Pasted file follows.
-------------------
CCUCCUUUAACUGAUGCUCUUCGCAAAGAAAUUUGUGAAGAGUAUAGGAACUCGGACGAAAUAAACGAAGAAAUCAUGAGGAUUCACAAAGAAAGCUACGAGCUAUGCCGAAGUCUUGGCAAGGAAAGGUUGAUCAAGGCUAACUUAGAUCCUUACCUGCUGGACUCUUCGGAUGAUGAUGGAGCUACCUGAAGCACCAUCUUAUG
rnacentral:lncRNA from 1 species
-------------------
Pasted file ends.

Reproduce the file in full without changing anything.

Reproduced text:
CCUCCUUUAACUGAUGCUCUUCGCAAAGAAAUUUGUGAAGAGUAUAGGAACUCGGACGAAAUAAACGAAGAAAUCAUGAGGAUUCACAAAGAAAGCUACGAGCUAUGCCGAAGUCUUGGCAAGGAAAGGUUGAUCAAGGCUAACUUAGAUCCUUACCUGCUGGACUCUUCGGAUGAUGAUGGAGCUACCUGAAGCACCAUCUUAUG
rnacentral:lncRNA from 1 species